Monday, December 14, 2020

The Reason for Every Season

Every year at Christmastime the message comes to us in many forms — in sermons, banners, carols, greeting cards, even on bumper stickers: Jesus is the reason for the season!

It is an enduring message, enjoying the double benefit of being both exceedingly memorable and profoundly true. It is memorable because of its pithy rhyme; it is profound because it speaks to us about the measure of our lives. The truth is, Jesus is the reason, not only for the Christmas season, but for every season of life. In Him we have a new and definitive way to think about all of time. As worship theologian Robert E. Webber has said,
From a Christian point of view the life, death and resurrection of Jesus Christ are at the center of time, for from Christ we look backward toward creation, the fall, the covenants, and God’s working in history to bring redemption. But from the event of Christ we also look forward to the fulfillment of history in the second coming of Christ. For this reason, time is understood from the Christian point of view in and through the redemptive presence of Jesus Christ in history. (Common Roots: A Call to Evangelical Maturity)

Some Christians know only two seasons of celebration in the Church: Christmas and Easter. Many do not bother with much in between. My daughter calls them “flower people” — they come only when the Church is decked out in Poinsettias or Easter lilies. But they miss out on something very wonderful, for the life of the Lord Jesus Christ in His Church is much richer than that — it is a full-time experience! The celebrations of the Church year, which have come down to us through the centuries, help us enter more fully into that experience, to know Jesus in all the seasons of life, and how each season flows into the next. So here is a brief summary of the Church year, submitted for your contemplation:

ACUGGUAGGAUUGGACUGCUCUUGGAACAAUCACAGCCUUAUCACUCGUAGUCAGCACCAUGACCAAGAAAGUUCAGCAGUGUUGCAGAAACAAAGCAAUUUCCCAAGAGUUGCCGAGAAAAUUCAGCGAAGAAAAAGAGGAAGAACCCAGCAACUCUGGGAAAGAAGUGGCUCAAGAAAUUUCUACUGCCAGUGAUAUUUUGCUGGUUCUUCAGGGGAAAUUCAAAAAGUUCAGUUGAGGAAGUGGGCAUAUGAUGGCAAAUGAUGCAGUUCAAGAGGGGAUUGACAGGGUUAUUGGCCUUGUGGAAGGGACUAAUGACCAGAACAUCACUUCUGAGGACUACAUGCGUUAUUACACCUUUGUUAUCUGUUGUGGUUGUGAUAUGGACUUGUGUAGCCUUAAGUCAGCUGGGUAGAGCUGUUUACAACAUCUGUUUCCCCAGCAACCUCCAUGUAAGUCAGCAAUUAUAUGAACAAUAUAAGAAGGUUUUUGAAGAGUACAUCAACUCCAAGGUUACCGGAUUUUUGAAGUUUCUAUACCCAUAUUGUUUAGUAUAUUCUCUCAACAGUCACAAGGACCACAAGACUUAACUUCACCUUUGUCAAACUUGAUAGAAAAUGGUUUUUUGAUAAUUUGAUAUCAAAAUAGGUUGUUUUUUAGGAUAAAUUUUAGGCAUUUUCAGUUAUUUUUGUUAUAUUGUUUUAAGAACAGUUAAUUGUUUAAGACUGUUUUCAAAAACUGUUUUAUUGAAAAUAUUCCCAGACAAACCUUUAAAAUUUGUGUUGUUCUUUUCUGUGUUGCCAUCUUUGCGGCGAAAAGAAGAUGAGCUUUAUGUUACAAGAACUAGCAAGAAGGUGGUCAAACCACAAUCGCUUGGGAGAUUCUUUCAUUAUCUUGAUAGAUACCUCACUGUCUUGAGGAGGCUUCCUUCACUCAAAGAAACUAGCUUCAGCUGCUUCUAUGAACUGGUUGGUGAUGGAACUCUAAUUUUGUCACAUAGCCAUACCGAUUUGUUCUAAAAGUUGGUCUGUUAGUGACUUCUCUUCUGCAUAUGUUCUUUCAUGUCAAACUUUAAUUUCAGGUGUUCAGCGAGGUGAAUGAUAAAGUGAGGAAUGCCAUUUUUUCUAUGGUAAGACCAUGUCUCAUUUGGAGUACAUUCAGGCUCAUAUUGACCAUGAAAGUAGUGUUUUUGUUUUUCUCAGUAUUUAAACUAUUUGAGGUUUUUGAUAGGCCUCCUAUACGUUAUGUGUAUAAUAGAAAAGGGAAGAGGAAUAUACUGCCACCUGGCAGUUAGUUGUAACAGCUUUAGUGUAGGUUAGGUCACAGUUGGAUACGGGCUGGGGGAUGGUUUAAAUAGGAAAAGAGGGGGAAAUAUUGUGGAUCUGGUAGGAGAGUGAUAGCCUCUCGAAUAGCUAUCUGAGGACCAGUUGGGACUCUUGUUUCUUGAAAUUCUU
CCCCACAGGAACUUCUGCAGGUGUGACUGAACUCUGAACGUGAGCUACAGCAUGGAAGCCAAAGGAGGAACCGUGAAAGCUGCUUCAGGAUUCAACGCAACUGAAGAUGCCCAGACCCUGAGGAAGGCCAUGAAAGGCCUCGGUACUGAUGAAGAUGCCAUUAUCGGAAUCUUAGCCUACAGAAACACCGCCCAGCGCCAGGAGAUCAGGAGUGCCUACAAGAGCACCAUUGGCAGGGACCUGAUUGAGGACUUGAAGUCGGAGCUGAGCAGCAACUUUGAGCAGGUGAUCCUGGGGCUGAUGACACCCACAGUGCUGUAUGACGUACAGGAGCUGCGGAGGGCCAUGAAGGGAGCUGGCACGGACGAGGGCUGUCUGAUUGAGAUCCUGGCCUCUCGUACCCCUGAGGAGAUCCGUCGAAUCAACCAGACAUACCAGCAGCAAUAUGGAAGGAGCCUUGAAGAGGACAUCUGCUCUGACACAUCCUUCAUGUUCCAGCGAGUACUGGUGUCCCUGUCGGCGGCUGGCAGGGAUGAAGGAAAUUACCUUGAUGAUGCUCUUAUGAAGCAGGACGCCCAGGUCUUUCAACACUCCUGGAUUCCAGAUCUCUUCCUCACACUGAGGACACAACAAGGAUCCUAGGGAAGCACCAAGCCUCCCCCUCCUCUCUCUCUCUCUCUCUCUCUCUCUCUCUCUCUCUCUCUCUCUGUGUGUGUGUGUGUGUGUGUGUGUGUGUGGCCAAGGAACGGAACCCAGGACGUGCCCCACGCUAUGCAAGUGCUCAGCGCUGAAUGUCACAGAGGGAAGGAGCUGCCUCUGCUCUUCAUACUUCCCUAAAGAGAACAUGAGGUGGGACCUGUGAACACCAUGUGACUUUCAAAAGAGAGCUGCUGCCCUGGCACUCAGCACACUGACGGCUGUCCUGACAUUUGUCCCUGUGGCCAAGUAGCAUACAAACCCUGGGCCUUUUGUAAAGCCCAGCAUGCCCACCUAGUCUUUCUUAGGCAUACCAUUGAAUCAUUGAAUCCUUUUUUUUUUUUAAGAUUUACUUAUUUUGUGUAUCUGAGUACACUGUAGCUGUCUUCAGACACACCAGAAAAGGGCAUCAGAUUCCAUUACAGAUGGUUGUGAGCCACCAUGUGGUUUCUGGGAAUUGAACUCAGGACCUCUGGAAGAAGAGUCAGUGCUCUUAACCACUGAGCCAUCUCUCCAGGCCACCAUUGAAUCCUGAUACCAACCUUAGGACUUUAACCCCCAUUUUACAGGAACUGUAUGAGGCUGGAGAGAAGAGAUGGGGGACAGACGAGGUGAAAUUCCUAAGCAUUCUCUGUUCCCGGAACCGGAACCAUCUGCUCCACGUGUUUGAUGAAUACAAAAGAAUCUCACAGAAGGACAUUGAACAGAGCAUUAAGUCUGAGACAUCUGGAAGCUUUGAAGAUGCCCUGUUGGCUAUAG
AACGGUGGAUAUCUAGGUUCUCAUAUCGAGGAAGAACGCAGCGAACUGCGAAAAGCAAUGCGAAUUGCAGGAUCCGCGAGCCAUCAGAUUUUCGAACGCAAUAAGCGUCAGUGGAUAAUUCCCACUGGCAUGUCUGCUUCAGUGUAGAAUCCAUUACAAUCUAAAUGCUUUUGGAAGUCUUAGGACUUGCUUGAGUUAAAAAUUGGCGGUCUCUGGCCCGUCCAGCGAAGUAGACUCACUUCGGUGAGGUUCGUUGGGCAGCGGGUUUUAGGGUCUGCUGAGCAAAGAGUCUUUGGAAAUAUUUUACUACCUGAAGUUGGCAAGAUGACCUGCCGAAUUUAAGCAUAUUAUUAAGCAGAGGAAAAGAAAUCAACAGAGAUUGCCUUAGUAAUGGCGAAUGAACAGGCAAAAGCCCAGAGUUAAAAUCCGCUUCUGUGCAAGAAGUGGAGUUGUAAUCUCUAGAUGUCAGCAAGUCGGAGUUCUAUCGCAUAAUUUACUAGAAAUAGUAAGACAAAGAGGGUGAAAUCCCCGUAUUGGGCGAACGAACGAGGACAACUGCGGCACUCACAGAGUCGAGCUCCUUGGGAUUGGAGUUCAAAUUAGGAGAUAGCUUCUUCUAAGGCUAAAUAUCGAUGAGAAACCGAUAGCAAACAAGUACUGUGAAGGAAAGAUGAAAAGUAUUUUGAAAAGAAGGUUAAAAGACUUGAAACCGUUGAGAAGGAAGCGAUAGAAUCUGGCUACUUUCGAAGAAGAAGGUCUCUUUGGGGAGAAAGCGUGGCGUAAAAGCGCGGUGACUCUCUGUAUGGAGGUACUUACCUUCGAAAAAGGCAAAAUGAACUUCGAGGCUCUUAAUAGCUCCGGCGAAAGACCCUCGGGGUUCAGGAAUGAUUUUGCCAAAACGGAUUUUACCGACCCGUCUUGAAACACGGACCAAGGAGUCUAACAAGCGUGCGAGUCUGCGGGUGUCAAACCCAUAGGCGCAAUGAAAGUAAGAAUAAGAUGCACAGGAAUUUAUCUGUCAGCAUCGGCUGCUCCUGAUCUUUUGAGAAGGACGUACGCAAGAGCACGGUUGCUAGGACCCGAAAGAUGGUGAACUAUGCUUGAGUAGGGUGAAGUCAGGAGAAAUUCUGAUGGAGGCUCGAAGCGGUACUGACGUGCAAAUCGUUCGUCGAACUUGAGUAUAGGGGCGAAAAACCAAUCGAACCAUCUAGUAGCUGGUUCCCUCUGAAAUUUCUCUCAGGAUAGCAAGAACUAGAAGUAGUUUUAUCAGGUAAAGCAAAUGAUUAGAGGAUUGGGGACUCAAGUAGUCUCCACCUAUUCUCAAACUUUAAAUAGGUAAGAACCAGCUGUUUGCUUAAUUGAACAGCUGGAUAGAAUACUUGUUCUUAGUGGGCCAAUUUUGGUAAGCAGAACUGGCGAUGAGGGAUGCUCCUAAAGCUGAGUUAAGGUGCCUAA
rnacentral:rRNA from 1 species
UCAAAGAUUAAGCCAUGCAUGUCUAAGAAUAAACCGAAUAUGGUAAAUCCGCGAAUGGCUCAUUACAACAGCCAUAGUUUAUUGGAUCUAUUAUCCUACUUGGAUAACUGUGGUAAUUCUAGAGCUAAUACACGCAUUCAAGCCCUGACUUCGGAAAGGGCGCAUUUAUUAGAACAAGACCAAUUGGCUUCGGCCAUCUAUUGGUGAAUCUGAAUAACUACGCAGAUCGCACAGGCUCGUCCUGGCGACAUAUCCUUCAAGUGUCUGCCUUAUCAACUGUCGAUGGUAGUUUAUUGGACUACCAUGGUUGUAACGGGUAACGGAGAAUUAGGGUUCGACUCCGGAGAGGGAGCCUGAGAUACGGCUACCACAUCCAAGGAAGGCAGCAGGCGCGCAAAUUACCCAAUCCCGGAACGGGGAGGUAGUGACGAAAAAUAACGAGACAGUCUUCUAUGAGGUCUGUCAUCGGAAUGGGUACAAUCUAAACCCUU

Advent means “coming.” The season of advent is a season of repentance and preparation — a place of beginning again. It is the start of the Church year and occupies the four weeks before Christmas. It is a time when we prepare to celebrate the coming of Christ, not only to a little stable in Bethlehem, but also His personal coming into our lives — “let every heart prepare Him room.” Hidden in the echoes of Advent we can also discern the promise of Jesus coming again to bring all things to divine completion.


There are twelve days in Christmas, beginning on December 25th and continuing through January 5th. In Christmas we celebrate the birth of Jesus; God incarnate; the Word made flesh. We think of the love of God and the saving work of Christ, for the Incarnation is as much a part of our redemption as are the Crucifixion and the Resurrection. Like the shepherds who received the announcement of the Christmas angels, we come to adore Him.


Epiphany means “appearing” or “manifestation.” In this season, which begins on January 6th, we celebrate the ways Christ has made Himself known as the Messiah and Savior of the whole world, revealing Himself by many divine miracles and teachings. We think of the Babe made known to the wise men of the East; the Son made known at His baptism; Christ made known at the wedding feast in Cana. We also watch for the ways Jesus is making Himself known in the world today through His Church.

Jesus is the “Light of the World.” In Advent, we celebrate the promise of the Light. In Christmas, we rejoice in the coming of the Light. In Epiphany, we wonder at the shining of the Light, just as the wise men marveled at the Star which led them to Jesus.


Lent begins on Ash Wednesday, six weeks before Easter Sunday. Like Advent, it is a time of repentance and preparation. The ashes on the first day of this season represent mourning over sin and the longing for holiness. In Lent, we remember the temptation of Christ in the wilderness and His journey to the Cross. We become aware of how Christ humbled Himself and how God calls us, also, to humility as we participate in His redemptive purposes. We consider, also, what our own place of service and sacrifice is in His divine plan.